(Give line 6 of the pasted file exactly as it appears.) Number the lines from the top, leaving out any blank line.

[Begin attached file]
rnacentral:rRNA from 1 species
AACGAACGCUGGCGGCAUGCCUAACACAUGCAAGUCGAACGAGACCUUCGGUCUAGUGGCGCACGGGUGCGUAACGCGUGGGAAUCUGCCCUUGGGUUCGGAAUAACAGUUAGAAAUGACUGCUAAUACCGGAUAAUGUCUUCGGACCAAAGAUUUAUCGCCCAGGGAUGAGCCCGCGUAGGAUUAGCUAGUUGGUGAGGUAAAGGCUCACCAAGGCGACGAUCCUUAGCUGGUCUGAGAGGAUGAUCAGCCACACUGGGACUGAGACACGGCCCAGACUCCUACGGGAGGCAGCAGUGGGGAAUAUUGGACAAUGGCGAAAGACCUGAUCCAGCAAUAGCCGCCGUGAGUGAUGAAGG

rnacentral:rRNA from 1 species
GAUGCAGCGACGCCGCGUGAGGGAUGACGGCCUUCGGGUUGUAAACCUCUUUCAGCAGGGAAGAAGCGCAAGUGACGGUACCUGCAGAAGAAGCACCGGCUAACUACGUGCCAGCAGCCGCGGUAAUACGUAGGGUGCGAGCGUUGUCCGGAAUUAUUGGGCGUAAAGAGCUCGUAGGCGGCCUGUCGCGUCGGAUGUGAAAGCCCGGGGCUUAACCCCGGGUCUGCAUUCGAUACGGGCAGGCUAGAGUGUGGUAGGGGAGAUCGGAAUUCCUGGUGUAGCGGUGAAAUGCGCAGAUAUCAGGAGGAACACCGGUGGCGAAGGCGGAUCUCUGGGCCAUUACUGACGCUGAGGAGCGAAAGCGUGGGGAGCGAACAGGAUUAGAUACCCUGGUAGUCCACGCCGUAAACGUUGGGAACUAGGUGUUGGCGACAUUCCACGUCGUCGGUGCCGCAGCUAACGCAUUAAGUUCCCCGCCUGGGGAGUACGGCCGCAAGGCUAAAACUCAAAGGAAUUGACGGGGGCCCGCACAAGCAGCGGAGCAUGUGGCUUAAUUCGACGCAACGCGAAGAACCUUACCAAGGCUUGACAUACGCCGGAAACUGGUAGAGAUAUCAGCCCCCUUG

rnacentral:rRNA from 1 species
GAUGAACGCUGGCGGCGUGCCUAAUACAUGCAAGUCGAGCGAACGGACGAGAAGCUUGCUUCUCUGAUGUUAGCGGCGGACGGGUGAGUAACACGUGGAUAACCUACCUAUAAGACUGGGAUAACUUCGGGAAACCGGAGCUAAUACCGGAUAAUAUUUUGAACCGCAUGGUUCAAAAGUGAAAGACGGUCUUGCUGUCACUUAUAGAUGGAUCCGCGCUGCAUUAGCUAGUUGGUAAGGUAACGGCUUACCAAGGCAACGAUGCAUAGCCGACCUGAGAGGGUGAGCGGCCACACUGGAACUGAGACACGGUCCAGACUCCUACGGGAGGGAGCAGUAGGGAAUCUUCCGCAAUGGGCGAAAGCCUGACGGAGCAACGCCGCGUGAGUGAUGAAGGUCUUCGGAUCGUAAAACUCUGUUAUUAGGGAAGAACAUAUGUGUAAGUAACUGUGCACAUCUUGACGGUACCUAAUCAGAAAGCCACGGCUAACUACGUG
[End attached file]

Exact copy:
GAUGAACGCUGGCGGCGUGCCUAAUACAUGCAAGUCGAGCGAACGGACGAGAAGCUUGCUUCUCUGAUGUUAGCGGCGGACGGGUGAGUAACACGUGGAUAACCUACCUAUAAGACUGGGAUAACUUCGGGAAACCGGAGCUAAUACCGGAUAAUAUUUUGAACCGCAUGGUUCAAAAGUGAAAGACGGUCUUGCUGUCACUUAUAGAUGGAUCCGCGCUGCAUUAGCUAGUUGGUAAGGUAACGGCUUACCAAGGCAACGAUGCAUAGCCGACCUGAGAGGGUGAGCGGCCACACUGGAACUGAGACACGGUCCAGACUCCUACGGGAGGGAGCAGUAGGGAAUCUUCCGCAAUGGGCGAAAGCCUGACGGAGCAACGCCGCGUGAGUGAUGAAGGUCUUCGGAUCGUAAAACUCUGUUAUUAGGGAAGAACAUAUGUGUAAGUAACUGUGCACAUCUUGACGGUACCUAAUCAGAAAGCCACGGCUAACUACGUG